RAMON HARVEY received his PhD in Islamic Studies from SOAS, University of London and is currently Lecturer in Islamic Studies at Ebrahim College in London and Visiting Lecturer at the Cambridge Muslim College. He regularly presents his research at national and international academic conferences and has published articles on canonical and variant Qur’anic qirāʾāt. Dr Harvey’s first book entitled The Qur’an and the Just Society is due for publication by Edinburgh University Press in 2017. His current research interests are in Islamic philosophical theology, ethics and political theory.
XIAOFEI TU is a lecturer in the Department of Languages, Literatures, and Cultures, Appalachian State University. He received Master’s degrees from Harvard and Yale Universities and a Doctoral degree in Comparative Religion from Syracuse University. His research interests include 20th century Asian religions and philosophy and the reception of Asian religions in the United States.
MONIR BIROUK is a high school Moroccan teacher. He holds a Masters Degree in Comparative Literature in 2012, and he is currently a Ph.D candidate in the doctoral programme “Language, Culture and Society” at the University of Mohammed V in Rabat. Birouk also worked as a part-time teacher assistant at Ibn Zohr University in Agadir. He is interested in the dialectic between ethics, religion and modernity, and he participated in a couple of academic events in Morocco and abroad. Monir Birouk published a couple of articles in international journals, in US and Canada respectively.
DANIEL TUTT is a philosopher, filmmaker and lecturer at Marymount University. His research and writing is concerned with Marxism and post-Marxist thought, contemporary social and political movements, Islamic thought, psychoanalysis and the philosophy of history. His forthcoming book is entitled Unstable Formations: Political Community in Contemporary Theory. His writing has been published in Philosophy Now, the Washington Post, and Crisis and Critique, among other publications.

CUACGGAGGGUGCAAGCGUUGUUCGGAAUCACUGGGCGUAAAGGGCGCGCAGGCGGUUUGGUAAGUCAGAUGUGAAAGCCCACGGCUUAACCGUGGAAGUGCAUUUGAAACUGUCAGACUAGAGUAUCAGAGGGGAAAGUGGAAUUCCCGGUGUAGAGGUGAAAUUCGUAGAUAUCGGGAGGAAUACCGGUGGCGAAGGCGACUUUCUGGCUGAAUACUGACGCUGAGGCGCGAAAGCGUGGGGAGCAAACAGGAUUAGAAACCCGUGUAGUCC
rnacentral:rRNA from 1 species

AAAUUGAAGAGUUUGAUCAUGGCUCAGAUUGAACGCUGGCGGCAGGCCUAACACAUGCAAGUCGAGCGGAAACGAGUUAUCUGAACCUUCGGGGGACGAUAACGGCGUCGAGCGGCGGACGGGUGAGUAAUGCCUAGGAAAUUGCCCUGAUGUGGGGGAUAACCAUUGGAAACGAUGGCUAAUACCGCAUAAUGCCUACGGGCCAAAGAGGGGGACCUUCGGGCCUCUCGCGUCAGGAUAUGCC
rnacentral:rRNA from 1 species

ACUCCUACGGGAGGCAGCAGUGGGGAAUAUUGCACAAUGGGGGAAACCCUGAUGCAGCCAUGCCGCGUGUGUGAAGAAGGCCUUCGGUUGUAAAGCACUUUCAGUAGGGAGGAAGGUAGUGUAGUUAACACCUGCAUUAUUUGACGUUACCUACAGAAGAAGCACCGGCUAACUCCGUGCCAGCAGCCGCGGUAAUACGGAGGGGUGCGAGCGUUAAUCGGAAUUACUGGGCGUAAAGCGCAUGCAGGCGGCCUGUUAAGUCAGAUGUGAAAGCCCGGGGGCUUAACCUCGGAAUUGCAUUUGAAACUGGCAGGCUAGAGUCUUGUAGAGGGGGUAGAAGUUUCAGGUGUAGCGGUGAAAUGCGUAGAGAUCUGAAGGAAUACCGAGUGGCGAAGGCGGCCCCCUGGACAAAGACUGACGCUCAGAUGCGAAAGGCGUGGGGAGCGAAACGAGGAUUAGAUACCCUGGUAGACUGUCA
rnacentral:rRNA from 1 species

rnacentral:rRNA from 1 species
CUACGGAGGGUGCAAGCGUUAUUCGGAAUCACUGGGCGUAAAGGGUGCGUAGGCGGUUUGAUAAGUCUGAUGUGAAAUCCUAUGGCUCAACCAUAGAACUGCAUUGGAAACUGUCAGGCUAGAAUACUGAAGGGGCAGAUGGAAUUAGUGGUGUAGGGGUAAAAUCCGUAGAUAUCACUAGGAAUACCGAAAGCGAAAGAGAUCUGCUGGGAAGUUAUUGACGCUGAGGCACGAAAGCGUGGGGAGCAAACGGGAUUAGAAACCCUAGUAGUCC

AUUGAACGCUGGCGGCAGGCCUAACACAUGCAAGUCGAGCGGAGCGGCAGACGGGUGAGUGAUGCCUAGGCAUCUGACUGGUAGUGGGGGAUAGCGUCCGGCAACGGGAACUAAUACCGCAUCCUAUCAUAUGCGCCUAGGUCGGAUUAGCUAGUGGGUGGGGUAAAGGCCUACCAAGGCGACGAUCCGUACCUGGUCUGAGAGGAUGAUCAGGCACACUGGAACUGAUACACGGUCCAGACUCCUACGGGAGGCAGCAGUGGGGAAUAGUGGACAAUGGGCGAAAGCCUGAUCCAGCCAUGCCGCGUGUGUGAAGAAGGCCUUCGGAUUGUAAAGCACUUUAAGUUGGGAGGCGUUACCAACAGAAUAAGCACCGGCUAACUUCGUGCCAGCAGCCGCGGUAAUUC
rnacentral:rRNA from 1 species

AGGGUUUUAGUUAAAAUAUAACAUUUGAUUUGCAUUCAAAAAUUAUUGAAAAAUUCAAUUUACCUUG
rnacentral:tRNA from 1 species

SAMANEH OLADI received her PhD in Religious Studies from the University of California, Santa Barbara. Dr. Oladi is currently an Assistant Professor in the School of World Studies, Religious Studies program, at Virginia Commonwealth University. She specializes in Islamic jurisprudence and family law, Middle East, and women’s studies. Dr. Oladi’s research and teaching interests range across various areas including Islamic mysticism, and contemporary religious movements. Dr. Oladi’s current research looks at the evolving roles of women as religious authorities and producers of Islamic knowledge, addressing how their scholarship challenges patriarchal interpretations of sacred scriptures. Dr. Oladi is currently working on a manuscript that looks at Muslim women’s religious activism and its impact on bridging the gap between Islamic jurisprudence and gender justice in the realm of Islamic Family Law.
SAID F. HASSAN currently teaches at al-Azhar University, Faculty of Languages and Translation, Islamic Studies Department. He received his PhD in the field of Islamic Law from UCLA in 2011. He has been a visiting assistant professor at Georgetown University, 2012; a visiting fellow at Institute for Islamic Studies (IAIN) Sultan Maulana Hasanuddin, Indonesia, 2014; a visiting fellow at the Berlin Graduate School Muslim Cultures and Societies, Freie Universitate, Berlin, summer 2014. His research focuses on the transformations of Islamic Law and theology in the modern Muslim world. His publications include Fiqh al-Aqalliyyat: History, development and Progress, (New York: Palgrave Macmillan 2013 and “Law-Abiding Citizen: Recent Fatwas on Muslim Minorities’ Loyalty to Western Nations,” in Journal of the Muslim World, October 2015. He contributed a number of chapters to edited volumes such as Education and the Arab Spring: Shifting Toward Democracy, 2016, Christian-Muslim Relations. A Bibliographical History, 2016, The Encyclopedia of Muslim American History, 2010.
JAMILA DAVEY is a doctoral student in Comparative Literature at the University of Texas at Austin working in classical Islamic textual tradition, early Islamic history, Francophone studies and gender studies. Before commencing her Ph.D. program Jamila earned a master’s degree in Middle Eastern studies from the University of Texas and a bachelor’s degree in philosophy from Northwestern University. Jamila’s research focuses on literary approaches to the study of classical Islamic textual tradition and twentieth- and twenty-first-century re-readings of the Islamic past. Examining discourses on gender and sexuality in Islamic contexts and foregrounding female voices in early textual tradition are also central concerns. A second broad trajectory of Jamila’s research explores how theoretical perspectives travel between the classical Arabo-Islamic context and modern Arabic, Francophone and World literary traditions. As part of this project she engages classical lenses as a form of intertextuality in a wider project of textual interpretation.